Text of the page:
Transmission Control Protocol (TCP) Hybla

By | January 30, 2018


Transmission Control Protocol (TCP) Hybla.

A key component of TCP is a congestion-control mechanism. TCP does this by having each sender limit the rate based on perceived network congestion. If a TCP sender perceives that there is little congestion on the path between itself and the destination, it increases its send rate. If the sender perceives that there is congestion along the path, then the sender reduces its send rate.

One of the newer congestion algorithms that aims to improve network connection performance is TCP Hybla. Hybla is designed to address some of the negative effects of long network Round-Trip Times (RTT) to include reduction of the Congestion Window (cwnd) growth rate, and multiple losses in one Congestion Window. To address the issue of slow cwnd increase, TCP Hybla removes the reliance on RTT from the cwnd algorithm. This is done by adjusting the size of the cwnd to a normalized ratio of the previous window which results in a larger average cwnd as shown in the calculations below:


hybla calculation


To alleviate packet loss in the window, TCP Hybla uses Selective Acknowledgement (SACK) which allows the sender to know exactly which packets have been sent successfully, and the ability to send more than one packet per RTT.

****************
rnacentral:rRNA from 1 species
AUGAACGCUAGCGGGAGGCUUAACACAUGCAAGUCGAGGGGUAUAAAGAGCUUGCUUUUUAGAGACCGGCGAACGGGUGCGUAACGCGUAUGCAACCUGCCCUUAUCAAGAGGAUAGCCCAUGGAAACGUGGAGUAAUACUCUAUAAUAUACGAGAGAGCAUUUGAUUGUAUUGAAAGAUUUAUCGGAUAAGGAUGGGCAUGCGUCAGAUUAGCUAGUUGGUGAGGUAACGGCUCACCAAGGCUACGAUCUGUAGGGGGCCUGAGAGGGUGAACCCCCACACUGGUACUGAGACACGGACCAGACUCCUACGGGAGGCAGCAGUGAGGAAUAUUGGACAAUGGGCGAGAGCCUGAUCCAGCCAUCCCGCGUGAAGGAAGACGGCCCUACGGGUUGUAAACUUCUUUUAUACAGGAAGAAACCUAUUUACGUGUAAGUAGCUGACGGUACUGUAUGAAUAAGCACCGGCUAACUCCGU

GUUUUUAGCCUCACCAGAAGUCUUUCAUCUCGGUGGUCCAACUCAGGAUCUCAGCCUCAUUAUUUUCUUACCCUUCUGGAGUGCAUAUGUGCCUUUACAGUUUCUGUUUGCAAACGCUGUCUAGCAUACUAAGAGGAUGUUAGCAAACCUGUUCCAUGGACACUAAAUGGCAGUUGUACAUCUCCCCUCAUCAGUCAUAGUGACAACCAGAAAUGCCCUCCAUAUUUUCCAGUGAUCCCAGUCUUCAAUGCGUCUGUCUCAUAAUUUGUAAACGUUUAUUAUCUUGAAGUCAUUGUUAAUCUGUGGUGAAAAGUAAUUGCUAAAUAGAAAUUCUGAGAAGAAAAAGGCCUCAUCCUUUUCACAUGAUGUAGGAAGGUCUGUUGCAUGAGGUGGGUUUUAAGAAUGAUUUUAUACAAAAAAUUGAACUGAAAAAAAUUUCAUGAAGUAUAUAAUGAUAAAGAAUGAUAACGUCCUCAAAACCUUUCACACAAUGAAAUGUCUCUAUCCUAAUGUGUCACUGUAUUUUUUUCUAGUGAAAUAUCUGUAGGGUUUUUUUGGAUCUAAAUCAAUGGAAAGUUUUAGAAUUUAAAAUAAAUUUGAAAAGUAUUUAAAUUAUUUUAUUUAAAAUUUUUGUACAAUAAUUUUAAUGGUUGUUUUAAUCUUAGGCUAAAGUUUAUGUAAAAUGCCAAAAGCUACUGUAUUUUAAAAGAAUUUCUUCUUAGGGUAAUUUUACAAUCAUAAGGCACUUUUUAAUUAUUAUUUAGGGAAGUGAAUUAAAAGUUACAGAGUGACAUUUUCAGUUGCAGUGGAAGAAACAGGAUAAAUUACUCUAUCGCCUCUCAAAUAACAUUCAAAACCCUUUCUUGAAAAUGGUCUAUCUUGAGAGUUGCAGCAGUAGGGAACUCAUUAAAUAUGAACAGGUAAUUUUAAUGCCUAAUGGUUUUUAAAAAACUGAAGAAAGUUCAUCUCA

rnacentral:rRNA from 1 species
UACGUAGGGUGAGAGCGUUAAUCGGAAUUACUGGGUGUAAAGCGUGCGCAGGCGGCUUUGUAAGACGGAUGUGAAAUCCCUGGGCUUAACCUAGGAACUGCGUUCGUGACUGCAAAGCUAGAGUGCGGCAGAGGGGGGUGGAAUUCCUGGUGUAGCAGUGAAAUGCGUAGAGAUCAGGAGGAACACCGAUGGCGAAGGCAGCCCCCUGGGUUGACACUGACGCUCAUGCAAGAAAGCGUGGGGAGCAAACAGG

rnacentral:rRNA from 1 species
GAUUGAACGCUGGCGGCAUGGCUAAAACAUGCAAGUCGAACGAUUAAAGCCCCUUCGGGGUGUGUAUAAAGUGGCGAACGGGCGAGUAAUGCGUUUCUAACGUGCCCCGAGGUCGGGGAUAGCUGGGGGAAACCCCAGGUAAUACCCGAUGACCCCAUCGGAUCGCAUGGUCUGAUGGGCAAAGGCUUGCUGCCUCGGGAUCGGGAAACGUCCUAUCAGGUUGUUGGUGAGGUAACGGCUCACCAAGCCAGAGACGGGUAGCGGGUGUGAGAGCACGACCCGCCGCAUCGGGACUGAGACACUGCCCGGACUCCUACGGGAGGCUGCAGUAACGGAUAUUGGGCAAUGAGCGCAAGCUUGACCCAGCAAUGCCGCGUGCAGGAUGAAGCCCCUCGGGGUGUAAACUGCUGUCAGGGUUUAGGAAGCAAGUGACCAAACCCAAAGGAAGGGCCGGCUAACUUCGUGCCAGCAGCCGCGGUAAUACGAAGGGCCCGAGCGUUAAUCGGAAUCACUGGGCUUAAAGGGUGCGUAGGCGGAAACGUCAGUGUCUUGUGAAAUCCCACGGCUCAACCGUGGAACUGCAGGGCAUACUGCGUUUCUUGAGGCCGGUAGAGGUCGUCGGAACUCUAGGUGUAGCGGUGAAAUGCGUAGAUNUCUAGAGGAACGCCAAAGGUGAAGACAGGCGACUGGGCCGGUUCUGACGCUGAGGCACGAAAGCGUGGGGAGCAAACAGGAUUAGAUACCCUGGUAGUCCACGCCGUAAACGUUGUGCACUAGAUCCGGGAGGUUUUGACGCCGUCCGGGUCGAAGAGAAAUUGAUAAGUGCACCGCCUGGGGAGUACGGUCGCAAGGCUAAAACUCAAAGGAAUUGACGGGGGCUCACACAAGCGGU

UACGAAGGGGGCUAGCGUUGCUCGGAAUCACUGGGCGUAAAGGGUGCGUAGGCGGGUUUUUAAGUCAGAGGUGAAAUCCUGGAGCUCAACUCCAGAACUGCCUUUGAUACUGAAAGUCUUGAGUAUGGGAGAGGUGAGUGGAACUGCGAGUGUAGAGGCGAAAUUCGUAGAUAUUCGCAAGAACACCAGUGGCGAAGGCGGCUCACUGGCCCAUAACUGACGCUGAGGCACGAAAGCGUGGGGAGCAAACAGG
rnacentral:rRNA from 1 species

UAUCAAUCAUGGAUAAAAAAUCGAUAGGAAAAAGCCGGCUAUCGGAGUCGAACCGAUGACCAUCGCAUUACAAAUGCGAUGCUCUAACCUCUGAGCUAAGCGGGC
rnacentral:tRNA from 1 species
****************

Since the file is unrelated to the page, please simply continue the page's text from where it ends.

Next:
Another enhancement of TCP Hybla is packet spacing during transmission. As previously stated, Hybla results in a larger cwnd size which can result in erratic transmission bursts. These bursts can be smoothed out using more intermittent transmissions and spacing each transmission out over a period of  time. TCP Hybla is well suited for satellite transmissions and other connections that typically have a high RTT.



Kurose, J. F., & Ross, K. W. (2017). Computer networking: a top-down approach (7th ed.). Hoboken, NJ: Pearson.

Marcondes, C., Matthews, J., Chen, R., & Sanadidi, M. G. (2008, December 10). A Cross-Comparison of Advanced TCP Protocols in High Speed and Satellite Environments. Retrieved July 13, 2017, from

Ndegwa, A. What is CWND and RWND?.

TCP Selective Acknowledgments (SACK).




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